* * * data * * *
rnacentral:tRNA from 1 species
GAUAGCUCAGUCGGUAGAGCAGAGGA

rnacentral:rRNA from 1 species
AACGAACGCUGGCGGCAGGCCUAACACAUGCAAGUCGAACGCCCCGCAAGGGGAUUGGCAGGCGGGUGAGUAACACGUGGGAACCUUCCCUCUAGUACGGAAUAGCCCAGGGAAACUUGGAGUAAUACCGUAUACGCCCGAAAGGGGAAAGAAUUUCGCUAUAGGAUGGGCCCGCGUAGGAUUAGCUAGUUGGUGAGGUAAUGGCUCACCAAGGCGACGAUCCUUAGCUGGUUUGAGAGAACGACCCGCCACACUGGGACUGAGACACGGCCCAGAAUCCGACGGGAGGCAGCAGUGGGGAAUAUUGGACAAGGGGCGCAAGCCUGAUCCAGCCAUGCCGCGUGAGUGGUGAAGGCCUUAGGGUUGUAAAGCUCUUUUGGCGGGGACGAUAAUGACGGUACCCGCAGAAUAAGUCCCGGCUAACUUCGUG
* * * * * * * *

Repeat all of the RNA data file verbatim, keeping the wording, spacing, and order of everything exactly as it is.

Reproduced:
rnacentral:tRNA from 1 species
GAUAGCUCAGUCGGUAGAGCAGAGGA

rnacentral:rRNA from 1 species
AACGAACGCUGGCGGCAGGCCUAACACAUGCAAGUCGAACGCCCCGCAAGGGGAUUGGCAGGCGGGUGAGUAACACGUGGGAACCUUCCCUCUAGUACGGAAUAGCCCAGGGAAACUUGGAGUAAUACCGUAUACGCCCGAAAGGGGAAAGAAUUUCGCUAUAGGAUGGGCCCGCGUAGGAUUAGCUAGUUGGUGAGGUAAUGGCUCACCAAGGCGACGAUCCUUAGCUGGUUUGAGAGAACGACCCGCCACACUGGGACUGAGACACGGCCCAGAAUCCGACGGGAGGCAGCAGUGGGGAAUAUUGGACAAGGGGCGCAAGCCUGAUCCAGCCAUGCCGCGUGAGUGGUGAAGGCCUUAGGGUUGUAAAGCUCUUUUGGCGGGGACGAUAAUGACGGUACCCGCAGAAUAAGUCCCGGCUAACUUCGUG